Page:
The SUV rules
All hail the mighty sport-utility vehicle, which now tops all car sales
A recent industry bulletin announced that SUVs had overtaken the North American sales of passenger cars. This ends more than a century of “cars” dominating passenger-vehicle sales.
SUVs have been around long before any of us were born. For decades, they were stuck in their tiny, stagnant, fanfare-free corner of the market. The key marketplace transition occurred in the late 1980s, when the volume brands at the Big Three, together with Toyota and Nissan, released four-door, all-wheel-drive SUV versions of their small pick-up trucks.
Back then, a partner in my practice bought the Toyota version, which at $35,000 struck me as outrageously expensive at the time. That was well into BMW-sport-sedan price territory. Nevertheless, within three years, five of six practice partners had one of these new-size, four-door SUVs.
In our household, the SUV embodied the “family car” for the next 26 years. Our children knew nothing else growing up. Most of the households in their peer groups had the same experience. These vehicles had space and all-weather capability. Granted, their all-terrain capability was essentially wasted on us. But crucially, for the ego-fragile, the capability and stance of the SUVs were far more cool than the ubiquitous mini-vans.
By the year 2000, the remaining volume brands had all fielded SUVs. More interesting was that many premium full-line brands now had mid-size SUVs too: BMW, Lexus, Mercedes, Audi and Acura.
There wasn’t really a marketplace need for even more SUV choices, but that didn’t stop the piling on by niche manufacturers. Porsche was already a profitable, storied marque in 2003 when it brought out its Cayenne SUV. Pundits predicted the brand’s doom when it ventured out of its lightweight-sports-car heritage to introduce a 5,600-pound five-seater SUV. Soon Porsche was selling far more SUVs than sports cars.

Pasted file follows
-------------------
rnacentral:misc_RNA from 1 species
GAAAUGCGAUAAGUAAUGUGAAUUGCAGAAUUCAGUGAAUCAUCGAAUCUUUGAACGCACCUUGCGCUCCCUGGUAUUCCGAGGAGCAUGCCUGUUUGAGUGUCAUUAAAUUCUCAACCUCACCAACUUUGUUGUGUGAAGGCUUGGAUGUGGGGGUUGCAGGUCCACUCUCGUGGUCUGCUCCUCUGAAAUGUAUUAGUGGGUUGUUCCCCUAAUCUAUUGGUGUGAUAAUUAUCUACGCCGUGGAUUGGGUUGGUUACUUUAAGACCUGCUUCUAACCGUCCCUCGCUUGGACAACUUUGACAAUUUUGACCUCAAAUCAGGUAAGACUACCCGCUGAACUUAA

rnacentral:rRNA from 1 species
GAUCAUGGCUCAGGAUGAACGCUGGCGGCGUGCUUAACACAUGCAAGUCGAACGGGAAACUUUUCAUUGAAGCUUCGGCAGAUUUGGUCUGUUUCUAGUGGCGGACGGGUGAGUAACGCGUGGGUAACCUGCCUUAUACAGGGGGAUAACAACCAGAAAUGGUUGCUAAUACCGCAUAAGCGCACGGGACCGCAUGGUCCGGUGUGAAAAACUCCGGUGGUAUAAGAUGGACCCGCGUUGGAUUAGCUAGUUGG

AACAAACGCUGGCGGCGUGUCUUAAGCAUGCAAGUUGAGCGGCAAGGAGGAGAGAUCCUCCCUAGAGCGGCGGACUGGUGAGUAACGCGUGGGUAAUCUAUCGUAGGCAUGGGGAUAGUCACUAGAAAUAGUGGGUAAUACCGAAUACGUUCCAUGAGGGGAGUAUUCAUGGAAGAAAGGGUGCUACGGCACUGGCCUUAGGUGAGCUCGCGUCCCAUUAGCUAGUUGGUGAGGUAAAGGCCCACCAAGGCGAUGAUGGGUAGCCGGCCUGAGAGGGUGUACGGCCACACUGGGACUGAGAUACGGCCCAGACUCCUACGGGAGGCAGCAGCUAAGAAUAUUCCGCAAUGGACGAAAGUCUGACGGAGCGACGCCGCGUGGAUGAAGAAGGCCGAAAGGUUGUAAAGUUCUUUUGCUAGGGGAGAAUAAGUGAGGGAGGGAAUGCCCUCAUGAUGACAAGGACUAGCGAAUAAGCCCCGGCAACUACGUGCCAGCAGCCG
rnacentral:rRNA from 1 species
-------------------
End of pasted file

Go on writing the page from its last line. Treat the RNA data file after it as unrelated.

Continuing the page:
Over the next decade, SUV offerings differentiated further—Porsche, Mercedes, BMW and Jeep brought out 500-plus-horsepower, V8-turbocharged or supercharged, performance-oriented SUVs. Demonstrating alternate directions, hybrid-electric SUVs arrived from Ford, Toyota, Lexus and GM. Range Rover debuted the first aluminum body luxury SUV in 2013. Tesla introduced the first all-electric SUV in 2015, Model X, their most expensive model.
Fifteen years after Porsche’s 2003 risk-and plunge, Canadians can now buy SUVs from such unlikely brands as Jaguar, Bentley, Volvo, Maserati, Lamborghini and Alfa Romeo. And now the most storied brands in each of the sport and luxury categories, Ferrari and Rolls Royce respectively, have also promised upcoming SUVs.
At the other end of the market, millennials have made “cute ute” SUVs (subcompact crossovers like the Honda CRV or Fiat 500X) a stronger-selling class of vehicle than the Toyota Corolla, Honda Civic or Mazda 3. In the emerging markets, China now buys more passenger vehicles than either Europe or North America. And in Beijing, the premium-brand SUV is seen as a practical status symbol.
Vehicle manufacturers follow trends closely. It takes years and hundreds of millions of dollars to develop an all-new vehicle. An enormous bet rides on making the right call of the future marketplace. By any measure, the SUV’s totem is trending strongly up, and the sedan’s strongly down. These trends now have decades of inertia.
Our family’s third SUV is coming up for replacement. It’s a foregone conclusion that its replacement will be another SUV. Ease of ingress and egress is one factor in favour of the SUV. Easy sight lines to all four corners of the vehicle is another, as are sight-lines in traffic. Rarely do we encounter an item that the SUV’s cargo bay will not swallow.
Mini-vans remain better in each of these realms. And sedans also offer a superior ride, acceleration, handling and gas mileage, as well as equal all-weather capability. And yet those features don’t seem to be enough to offset the attractions of the SUV.
It isn’t just our family’s assessment, but that of buying families around the globe. With such dominance in the marketplace, the pressure is on the many talented SUV designers to lessen their vehicles’ footprints (physical and carbon) and still outshine the competition. I expect the SUV’s hegemony to last until the autonomous car assumes the mantle.